Having gained a useful point at Fleetwood on Saturday, United travelled back to the North West on Tuesday evening to face Altrincham in what was always going to be one of the key fixtures in the second half of the season. The team that had been on duty at Highbury on Saturday were pencilled in to start this “six-pointer”, but during the warm-up, goalkeeper Lee Harrison felt twinges of the injury problems that have punctuated his season, so Delroy Preddie made his second United debut facing the same Club against whom he’d ended his first spell. It was a prelude to one of those nights.
Preddie was called into action in the very first minute of the match. Mark Beesley set up Damien Reeves but his header low to Preddie’s right was comfortably dealt with by the returning United favourite. The home fans were shouting for a penalty just two minutes later, but referee Ford saw no problem in the challenge on Reeves. United‘s first chance of the match fell to Ben Wright on nine minutes. The home defence failed to clear and Wright created enough space for himself to put a shot in that sailed wide.
We did capitalise fully on further hesitation in the Altrincham defence a couple of minutes later. Stuart Coburn couldn’t hold Ben Wright’s shot, Bradley Pritchard was on hand to pick up the pieces and knock the ball back into the danger area, leaving Jefferson Louis the simplest of tap-in’s for his first goal in a United shirt. The home side looked for an equaliser straight from the restart, the lively Nicky Clee set up Shaun Densmore, but Adam Green was on hand to block his goalbound effort. Clee then fed Beesley on twenty minutes, but his shot was well wide. Pritchard was booked soon after for an accumulation of scrappy unnecessary fouls and there was an injury scare for United on the half hour when Adam Bygrave took a knock to the face, but he was able to return quickly, the only serious casualty being his blood stained blue United shirt.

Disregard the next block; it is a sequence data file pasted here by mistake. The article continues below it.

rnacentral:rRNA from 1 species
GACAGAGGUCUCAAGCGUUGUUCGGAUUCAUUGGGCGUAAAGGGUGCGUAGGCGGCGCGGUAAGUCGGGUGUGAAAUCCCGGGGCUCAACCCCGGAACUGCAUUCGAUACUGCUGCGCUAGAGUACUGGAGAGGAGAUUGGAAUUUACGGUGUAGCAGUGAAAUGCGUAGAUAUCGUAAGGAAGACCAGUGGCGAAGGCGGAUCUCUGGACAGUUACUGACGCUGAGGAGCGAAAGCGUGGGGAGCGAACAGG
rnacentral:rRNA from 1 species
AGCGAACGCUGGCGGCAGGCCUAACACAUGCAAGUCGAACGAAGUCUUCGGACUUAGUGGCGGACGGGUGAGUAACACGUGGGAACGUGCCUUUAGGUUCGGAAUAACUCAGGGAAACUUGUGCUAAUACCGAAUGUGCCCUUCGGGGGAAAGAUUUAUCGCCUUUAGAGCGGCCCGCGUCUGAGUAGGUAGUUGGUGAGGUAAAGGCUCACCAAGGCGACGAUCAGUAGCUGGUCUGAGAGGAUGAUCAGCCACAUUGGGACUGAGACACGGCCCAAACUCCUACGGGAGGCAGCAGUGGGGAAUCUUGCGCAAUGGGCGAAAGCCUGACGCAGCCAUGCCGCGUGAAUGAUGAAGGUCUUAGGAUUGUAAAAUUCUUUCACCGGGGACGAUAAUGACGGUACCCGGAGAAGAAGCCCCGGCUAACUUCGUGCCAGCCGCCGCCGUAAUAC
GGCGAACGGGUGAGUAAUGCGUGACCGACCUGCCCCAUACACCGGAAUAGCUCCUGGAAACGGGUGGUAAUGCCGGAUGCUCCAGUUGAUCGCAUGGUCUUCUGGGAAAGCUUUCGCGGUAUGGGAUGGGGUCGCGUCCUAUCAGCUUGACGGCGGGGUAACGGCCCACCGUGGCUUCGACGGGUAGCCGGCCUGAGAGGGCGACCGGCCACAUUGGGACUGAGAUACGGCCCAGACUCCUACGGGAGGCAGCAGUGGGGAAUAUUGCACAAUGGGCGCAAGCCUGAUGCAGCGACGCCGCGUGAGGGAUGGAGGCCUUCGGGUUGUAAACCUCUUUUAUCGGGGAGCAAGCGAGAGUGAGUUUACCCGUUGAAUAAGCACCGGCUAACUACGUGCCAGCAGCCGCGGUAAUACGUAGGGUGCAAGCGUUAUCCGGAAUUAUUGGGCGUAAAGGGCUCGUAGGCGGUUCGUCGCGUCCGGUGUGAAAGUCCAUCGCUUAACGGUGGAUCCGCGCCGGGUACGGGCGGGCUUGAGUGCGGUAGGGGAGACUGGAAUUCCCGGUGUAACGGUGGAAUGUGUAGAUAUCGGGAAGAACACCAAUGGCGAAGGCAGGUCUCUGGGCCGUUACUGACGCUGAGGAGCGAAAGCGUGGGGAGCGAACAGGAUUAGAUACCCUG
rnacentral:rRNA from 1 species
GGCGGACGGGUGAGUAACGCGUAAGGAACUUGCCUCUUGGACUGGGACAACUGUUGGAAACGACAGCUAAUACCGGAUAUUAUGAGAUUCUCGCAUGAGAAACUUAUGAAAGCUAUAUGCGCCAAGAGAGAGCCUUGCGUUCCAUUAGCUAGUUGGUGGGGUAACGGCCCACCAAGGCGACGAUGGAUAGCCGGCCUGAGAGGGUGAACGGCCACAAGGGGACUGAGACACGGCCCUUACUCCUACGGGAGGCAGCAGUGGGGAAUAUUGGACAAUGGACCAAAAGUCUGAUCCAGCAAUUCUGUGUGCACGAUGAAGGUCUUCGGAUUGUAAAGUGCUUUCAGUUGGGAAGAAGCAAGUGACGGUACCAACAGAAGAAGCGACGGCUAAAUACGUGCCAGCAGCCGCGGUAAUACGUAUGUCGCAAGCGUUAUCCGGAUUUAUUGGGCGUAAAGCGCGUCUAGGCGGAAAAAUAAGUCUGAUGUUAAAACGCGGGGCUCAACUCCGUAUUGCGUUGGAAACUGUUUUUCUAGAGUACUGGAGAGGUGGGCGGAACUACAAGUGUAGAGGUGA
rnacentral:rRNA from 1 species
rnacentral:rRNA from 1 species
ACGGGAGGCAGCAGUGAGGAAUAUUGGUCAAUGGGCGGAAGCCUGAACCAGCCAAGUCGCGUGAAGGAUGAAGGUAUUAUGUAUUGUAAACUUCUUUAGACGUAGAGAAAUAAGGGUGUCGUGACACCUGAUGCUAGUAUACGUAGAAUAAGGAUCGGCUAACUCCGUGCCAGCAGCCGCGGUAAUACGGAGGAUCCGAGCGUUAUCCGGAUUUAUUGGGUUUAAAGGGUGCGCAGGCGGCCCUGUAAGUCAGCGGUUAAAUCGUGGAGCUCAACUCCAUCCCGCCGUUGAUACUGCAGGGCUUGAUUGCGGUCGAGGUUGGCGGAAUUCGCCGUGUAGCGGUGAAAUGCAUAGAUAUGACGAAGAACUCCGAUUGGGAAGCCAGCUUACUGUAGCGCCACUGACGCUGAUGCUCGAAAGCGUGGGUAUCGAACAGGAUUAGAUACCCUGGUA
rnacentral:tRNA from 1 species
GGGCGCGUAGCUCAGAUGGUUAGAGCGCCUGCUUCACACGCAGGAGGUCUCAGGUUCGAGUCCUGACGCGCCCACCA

The home side were beginning to dominate possession without creating anything worthwhile from it, and should have equalised on thirty-eight minutes. United failed to clear a Densmore free-kick, and the ball was knocked down to an unmarked Damian Reeves who fired over from four yards when he really had enough time to take an extra touch and pick his spot. Pritchard had a lobbed effort comfortably gathered by Coburn three minutes before the break, but in truth United had failed to create anything worthwhile since going in front.